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Educators swift to reassure after Boston blasts

The news that one of the dead in the Boston Marathon bombings was a Chinese national studying at Boston University has been a reminder of the subtle yet combustible relationship between international education and security concerns. Education institutions reacted swiftly to calm worried parents about the incident, for which no culprit has been found.

Photo: Getty Images.

"Our hearts go out to her and her family and friends"

The third person to die in the bomb blasts that occured near the finishing line on Monday was named as Lu Lingzi, who used the name Dorothy Lu in the USA. Another international student friend of hers was injured. According to news reports, after studying international trade in China and working for Deloitte, Lu arrived in the US to study a postgraduate degree and was “living her dream”.

Chinese graduate student named as third victim. Photo: Linked In.

Chinese graduate student named as third victim. Photo: Linked In.

Colin Riley, Executive Director of Media Relations at Boston University, pointed out that the tragic events occured over a mile away from campus, but that they had hit “not only our city but our university’s community”.

“Our hearts go out to her and her family and friends,” he said.

Boston University posted guidance for concerned students on its website, and offered counselling and advice for anybody requiring it. Riley noted, “We have reached out to all students, and in particular international students, encouraging them to connect with their families.”

Language schools also told how they moved swiftly to reassure their partner agents and student network following the bomb blasts, which coincided with Patriot’s Day, in a city known worldwide as an academic hub.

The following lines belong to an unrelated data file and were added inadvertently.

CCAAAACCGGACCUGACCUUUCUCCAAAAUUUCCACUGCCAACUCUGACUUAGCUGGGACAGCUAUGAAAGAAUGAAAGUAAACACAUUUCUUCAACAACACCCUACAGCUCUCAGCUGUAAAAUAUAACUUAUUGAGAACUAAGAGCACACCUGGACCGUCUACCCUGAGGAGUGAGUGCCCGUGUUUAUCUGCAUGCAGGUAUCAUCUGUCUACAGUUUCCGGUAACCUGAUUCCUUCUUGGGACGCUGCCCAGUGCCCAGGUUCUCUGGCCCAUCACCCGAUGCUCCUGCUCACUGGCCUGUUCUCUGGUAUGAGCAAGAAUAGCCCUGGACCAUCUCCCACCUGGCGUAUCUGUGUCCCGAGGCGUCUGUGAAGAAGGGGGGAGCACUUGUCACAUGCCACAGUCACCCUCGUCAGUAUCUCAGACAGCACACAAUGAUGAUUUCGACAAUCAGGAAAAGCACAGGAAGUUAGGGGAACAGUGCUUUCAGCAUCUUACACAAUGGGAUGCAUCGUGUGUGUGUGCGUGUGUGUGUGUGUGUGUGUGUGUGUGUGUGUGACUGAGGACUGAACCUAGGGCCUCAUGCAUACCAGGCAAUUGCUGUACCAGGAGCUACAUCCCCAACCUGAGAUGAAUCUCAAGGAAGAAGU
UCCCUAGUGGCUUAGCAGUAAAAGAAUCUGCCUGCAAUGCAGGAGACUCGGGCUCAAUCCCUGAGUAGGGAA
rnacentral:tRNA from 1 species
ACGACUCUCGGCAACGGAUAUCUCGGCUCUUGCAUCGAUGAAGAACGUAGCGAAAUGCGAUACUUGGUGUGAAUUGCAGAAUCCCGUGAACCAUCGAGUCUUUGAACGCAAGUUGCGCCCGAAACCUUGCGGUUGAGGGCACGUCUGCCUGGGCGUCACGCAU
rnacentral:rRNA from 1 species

“We were able to email all our Japanese agents by the time they woke up”

Speaking from OISE Boston, an English language and professional training centre located just one street from the blast, David Newton, Divisional Operations Manager, explained that the school’s first priority had been to account for its students’ safety, and alert agents and family back home.

He told The PIE, “Our first thought was to make sure all students were accounted for and safe. We realised we had a three-hour window, for example, before Japan woke up. We have a lot of Japanese students and professionals studying with us and we were able to email all our agents by the time they woke up so they would not panic.”

OISE Boston remained closed on Tuesday but was open for business by the Wednesday.

“Students and parents appreciated the gesture as it brought some normalcy back to the students’ lives”

At CATS Academy Boston and ONCAMPUS Boston, both colleges operated by CEG, Olga Karanikos explained that the company focused on first ensuring the safety of all students (and communicating this) and then on ensuring that they remained engaged with their fellow students during the disconcerting lockdown that followed in parts of Boston.

As well as organising a day of games and movies for their on-campus students during lockdown, Karanikos told The PIE that high school students were treated to a day out after the lockdown period to enable them to focus on other things.

“Once the city was safe again and as a reprieve from the stress of the week, the school staff took the students on a day trip to the seaside town of Rockport,” she said. “Students and parents appreciated the gesture as it brought some normalcy back to the students’ lives and also got their minds off the events of the week.”


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